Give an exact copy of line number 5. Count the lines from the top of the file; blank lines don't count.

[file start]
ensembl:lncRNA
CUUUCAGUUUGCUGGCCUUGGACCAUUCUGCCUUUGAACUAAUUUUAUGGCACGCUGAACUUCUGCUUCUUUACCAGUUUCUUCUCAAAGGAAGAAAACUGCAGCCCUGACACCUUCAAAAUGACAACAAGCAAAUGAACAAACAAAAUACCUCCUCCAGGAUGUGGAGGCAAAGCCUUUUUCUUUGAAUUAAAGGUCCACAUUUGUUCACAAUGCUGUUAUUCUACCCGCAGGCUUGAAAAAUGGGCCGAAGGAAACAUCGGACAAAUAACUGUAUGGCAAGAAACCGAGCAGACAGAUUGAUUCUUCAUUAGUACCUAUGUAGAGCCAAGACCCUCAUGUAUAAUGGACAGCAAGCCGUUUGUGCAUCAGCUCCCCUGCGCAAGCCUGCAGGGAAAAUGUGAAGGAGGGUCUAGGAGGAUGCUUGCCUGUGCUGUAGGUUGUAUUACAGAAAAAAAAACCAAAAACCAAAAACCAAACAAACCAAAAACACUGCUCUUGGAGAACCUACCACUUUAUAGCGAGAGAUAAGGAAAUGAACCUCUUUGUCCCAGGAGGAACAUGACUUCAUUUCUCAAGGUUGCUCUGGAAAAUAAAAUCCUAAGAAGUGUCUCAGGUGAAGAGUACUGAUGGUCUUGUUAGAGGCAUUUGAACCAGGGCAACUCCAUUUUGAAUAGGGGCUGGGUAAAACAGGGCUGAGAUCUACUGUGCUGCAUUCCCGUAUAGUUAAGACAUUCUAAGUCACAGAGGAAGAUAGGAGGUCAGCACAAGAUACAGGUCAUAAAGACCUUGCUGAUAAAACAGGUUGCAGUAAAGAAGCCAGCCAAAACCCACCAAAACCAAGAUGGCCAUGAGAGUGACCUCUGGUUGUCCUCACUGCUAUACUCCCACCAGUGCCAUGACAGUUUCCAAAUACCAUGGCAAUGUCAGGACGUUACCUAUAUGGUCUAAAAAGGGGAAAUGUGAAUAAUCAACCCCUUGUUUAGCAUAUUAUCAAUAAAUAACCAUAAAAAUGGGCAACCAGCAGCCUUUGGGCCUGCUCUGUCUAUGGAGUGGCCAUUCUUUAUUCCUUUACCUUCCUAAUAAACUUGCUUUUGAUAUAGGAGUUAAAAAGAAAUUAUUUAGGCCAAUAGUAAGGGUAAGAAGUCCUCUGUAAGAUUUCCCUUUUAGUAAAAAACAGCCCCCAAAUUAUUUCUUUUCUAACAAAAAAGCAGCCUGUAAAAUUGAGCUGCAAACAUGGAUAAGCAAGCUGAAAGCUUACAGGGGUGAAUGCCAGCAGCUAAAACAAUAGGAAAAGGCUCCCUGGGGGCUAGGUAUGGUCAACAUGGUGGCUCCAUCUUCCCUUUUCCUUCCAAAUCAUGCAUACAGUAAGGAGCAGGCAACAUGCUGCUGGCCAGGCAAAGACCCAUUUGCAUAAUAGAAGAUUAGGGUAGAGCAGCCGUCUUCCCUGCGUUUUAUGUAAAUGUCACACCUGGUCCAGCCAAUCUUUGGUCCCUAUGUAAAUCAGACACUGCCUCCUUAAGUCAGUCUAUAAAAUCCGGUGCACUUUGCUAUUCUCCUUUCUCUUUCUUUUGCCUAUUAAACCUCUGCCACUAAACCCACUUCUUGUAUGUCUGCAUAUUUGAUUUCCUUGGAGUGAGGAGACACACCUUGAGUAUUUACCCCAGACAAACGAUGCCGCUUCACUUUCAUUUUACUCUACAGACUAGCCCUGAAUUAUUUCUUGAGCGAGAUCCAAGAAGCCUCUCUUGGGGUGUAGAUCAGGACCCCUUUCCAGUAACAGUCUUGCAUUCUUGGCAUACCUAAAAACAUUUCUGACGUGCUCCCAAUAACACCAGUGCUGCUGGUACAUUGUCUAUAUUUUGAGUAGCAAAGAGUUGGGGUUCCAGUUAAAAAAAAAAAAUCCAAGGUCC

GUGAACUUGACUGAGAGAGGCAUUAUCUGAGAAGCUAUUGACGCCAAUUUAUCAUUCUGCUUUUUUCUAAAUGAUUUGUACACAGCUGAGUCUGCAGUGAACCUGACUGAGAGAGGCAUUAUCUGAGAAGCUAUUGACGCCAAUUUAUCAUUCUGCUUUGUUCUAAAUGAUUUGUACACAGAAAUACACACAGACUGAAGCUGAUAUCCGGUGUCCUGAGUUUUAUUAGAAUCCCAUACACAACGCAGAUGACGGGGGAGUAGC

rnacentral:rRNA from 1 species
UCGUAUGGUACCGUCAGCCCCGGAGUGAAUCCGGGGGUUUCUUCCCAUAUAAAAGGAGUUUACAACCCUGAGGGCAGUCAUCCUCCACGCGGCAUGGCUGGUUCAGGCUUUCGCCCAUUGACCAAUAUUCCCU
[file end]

UCGUAUGGUACCGUCAGCCCCGGAGUGAAUCCGGGGGUUUCUUCCCAUAUAAAAGGAGUUUACAACCCUGAGGGCAGUCAUCCUCCACGCGGCAUGGCUGGUUCAGGCUUUCGCCCAUUGACCAAUAUUCCCU